No Comments

Security Issues: Why Giving Someone Access To Your Emails Is So Bad

OK, so a hacker gets your email address and your password and can now go to a webmail website and send emails pretending to be from you. Maybe the webmail address for your email is obvious and the attacker can now sign on to your webmail and see your contacts. They can spam them and send emails as though they were from you.

It is a problem, but sending emails that pretend to be from someone else is child’s play anyway. It takes seconds to set up and do. So why would a hacker spend time and effort phishing for email addresses?

The problem with email security.

I have said for a while now and continue to believe it – your email security is the crux of your entire internet security. Blow that and you blow everything. It’s as simple as that. Your email address and password and the one key that can give a hacker unlimited access to everything you do on the internet.

And yes, I really do mean everything!

The first part of an attack

Once a hacker can log on to your webmail they can glance through your emails looking for key emails. Anything from banks, PayPal and so on is useful for them. They will tell the attacker what you are using. You might also have been careless and left a welcome email laying about from a bank that is your reminder to your password there.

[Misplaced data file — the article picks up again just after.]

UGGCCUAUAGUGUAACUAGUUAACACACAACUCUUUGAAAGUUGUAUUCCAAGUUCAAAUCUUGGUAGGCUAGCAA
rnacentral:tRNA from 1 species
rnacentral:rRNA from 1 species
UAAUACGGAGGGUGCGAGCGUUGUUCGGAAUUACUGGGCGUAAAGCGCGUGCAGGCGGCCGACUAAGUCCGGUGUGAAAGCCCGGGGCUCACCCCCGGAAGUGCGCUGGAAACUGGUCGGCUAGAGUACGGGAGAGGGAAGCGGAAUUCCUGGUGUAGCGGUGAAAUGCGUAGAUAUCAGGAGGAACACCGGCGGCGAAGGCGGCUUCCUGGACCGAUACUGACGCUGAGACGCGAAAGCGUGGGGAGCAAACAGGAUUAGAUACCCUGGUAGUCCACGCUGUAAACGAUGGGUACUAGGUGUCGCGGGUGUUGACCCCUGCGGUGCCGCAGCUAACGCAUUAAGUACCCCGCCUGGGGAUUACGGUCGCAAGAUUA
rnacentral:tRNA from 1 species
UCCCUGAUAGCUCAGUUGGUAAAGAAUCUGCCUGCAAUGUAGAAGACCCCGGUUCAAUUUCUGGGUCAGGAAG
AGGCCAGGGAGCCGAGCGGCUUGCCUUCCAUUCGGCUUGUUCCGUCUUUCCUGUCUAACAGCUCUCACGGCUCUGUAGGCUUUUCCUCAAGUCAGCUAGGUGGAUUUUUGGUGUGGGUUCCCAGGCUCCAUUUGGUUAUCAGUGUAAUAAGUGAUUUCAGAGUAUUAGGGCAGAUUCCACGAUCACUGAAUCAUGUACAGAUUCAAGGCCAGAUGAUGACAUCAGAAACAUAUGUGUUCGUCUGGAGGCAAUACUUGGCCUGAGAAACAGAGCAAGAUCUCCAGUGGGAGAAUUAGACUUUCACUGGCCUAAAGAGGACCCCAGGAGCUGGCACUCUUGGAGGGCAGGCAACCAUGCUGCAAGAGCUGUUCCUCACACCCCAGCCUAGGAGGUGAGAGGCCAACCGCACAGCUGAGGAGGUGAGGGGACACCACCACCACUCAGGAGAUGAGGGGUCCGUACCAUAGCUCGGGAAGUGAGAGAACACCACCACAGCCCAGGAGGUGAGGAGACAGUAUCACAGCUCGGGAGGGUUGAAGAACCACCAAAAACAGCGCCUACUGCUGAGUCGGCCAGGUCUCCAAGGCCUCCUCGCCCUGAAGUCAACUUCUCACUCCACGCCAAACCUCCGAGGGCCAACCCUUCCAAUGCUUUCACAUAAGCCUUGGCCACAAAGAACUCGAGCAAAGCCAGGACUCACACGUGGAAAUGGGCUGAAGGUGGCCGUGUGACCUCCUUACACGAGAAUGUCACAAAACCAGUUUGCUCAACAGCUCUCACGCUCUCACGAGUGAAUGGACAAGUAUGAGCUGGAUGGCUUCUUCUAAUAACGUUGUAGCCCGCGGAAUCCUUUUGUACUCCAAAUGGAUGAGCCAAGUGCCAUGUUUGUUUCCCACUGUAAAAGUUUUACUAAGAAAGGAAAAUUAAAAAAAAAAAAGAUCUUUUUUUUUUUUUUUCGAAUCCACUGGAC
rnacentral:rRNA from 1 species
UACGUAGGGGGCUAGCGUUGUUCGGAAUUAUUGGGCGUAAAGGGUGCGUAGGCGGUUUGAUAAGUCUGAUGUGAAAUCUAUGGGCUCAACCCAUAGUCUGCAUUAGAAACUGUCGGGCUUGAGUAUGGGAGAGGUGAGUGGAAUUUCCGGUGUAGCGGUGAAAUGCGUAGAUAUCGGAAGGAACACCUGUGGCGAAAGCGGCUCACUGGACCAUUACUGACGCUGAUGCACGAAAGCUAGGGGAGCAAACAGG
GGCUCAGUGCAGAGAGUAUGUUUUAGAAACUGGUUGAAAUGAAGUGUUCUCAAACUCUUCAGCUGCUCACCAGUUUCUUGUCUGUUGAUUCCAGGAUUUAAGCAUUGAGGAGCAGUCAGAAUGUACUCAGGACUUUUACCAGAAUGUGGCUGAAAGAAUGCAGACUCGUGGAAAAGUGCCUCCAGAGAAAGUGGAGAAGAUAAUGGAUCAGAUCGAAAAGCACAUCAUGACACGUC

And if that fails…

The next step is no doubt very easy. A quick glance through your emails and they can guess where you are from (looking at your time zone being a huge clue!). Now they can visit all of the most popular banks that cover your region as well as PayPal and request password resets.

OK, most will be “email not recognised”, but once they hit upon your bank and get the response that they need, they have the link to reset your password. Now you can’t access your bank details but they can.

The two part fix

It goes without saying that the first part of this fix is to guard that email password very jealously. If you can, set up a separate email address and use one for emails and the other for password resets. Use very strong passwords (the longer and more complicated the better).

The second part is to use secure institutions. Some sites (e.g. ClickBank) will not allow withdrawals for a week after a password reset. My bank will also send you a text message with a key before any password resets are activated. That way, you need email address and the mobile phone.

But losing your email password is more than just a lot of spam in your name, you could also lose your bank accounts.


You might also like

More Similar Posts

Leave a Reply

Your email address will not be published. Required fields are marked *

Fill out this field
Fill out this field
Please enter a valid email address.